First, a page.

Section 41 of the Negotiable Instruments Act,1881.
An acceptor of a bill of exchange already indorsed is not relieved from liability by reason that such indorsement is forged, if he knew or had reason to believe the indorsement to be forged when he accepted the bill.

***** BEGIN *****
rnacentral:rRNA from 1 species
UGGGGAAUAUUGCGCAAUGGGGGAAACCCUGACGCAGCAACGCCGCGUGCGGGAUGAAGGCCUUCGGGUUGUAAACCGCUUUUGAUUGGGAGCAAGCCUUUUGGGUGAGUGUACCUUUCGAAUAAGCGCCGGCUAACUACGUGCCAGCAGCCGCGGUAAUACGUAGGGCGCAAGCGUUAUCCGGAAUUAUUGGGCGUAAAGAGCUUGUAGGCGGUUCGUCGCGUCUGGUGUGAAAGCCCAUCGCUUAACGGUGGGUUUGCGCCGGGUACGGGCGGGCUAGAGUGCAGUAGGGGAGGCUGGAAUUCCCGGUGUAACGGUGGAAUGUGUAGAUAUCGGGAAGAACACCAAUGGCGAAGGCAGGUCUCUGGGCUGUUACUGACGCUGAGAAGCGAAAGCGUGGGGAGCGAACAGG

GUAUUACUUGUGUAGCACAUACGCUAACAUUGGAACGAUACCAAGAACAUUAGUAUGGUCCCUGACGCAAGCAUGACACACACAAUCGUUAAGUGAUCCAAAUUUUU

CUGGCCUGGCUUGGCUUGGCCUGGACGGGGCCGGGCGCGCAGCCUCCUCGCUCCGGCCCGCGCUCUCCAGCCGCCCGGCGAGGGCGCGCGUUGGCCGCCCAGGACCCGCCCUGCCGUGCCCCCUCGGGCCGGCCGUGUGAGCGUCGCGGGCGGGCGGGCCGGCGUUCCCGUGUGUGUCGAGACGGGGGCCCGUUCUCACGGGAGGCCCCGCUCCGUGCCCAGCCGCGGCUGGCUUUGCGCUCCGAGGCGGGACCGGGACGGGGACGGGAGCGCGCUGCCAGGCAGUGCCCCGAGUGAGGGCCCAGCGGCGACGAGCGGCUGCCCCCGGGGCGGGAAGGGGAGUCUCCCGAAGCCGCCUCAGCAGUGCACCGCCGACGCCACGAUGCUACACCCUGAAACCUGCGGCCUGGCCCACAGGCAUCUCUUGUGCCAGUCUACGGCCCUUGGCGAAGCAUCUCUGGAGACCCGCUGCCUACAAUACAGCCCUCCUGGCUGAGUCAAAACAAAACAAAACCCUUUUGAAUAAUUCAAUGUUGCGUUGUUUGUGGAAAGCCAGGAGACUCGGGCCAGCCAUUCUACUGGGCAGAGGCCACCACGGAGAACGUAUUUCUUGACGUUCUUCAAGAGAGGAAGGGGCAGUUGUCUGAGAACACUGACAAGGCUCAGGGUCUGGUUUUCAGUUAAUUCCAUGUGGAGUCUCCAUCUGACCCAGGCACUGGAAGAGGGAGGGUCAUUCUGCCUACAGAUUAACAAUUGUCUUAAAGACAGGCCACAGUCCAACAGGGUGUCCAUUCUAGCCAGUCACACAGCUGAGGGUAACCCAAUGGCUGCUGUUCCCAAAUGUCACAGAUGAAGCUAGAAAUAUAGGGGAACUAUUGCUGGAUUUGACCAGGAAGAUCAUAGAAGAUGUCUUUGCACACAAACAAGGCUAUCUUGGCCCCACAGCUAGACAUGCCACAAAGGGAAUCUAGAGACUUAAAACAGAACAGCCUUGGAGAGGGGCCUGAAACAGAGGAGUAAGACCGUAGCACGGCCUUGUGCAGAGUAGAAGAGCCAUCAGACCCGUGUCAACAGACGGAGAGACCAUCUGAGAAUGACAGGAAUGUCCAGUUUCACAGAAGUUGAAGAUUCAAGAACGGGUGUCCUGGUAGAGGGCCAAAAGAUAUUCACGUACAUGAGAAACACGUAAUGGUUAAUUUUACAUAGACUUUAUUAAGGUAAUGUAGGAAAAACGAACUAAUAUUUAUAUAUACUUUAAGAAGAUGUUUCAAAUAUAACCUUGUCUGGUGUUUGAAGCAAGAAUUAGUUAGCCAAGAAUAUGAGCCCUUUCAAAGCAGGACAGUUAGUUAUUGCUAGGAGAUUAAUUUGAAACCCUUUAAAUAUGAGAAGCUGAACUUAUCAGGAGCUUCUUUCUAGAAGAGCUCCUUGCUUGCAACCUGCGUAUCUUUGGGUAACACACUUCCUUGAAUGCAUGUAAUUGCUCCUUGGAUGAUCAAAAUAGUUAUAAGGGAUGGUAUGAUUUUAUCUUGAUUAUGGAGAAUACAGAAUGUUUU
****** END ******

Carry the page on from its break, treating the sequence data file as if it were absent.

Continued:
The reason of the rule enunciated in the section is plain in that no person should be allowed to take advantage of his own fraud and shirk liability. When a person at the time of acceptance of an instrument knew or had reason to believe that the indorsement thereon was a forgery and with full knowledge of this fact became a party to the instrument he must be made liable for it and cannot be allowed to deny his liability on the ground of forgery. But for his knowledge of forgery at the time of his acceptance, he will not ordinarily be precluded by his acceptance from pleading that the indorsement is a forgery. An acceptor who has admitted the authenticity of the indorsement as true cannot afterwards refuse to honour it on the ground that it is forged. The acceptor cannot be allowed to prove against a bona fide holder for value that either the drawing or the indorsement is a forgery. The name may be that of a real or a fictitious person.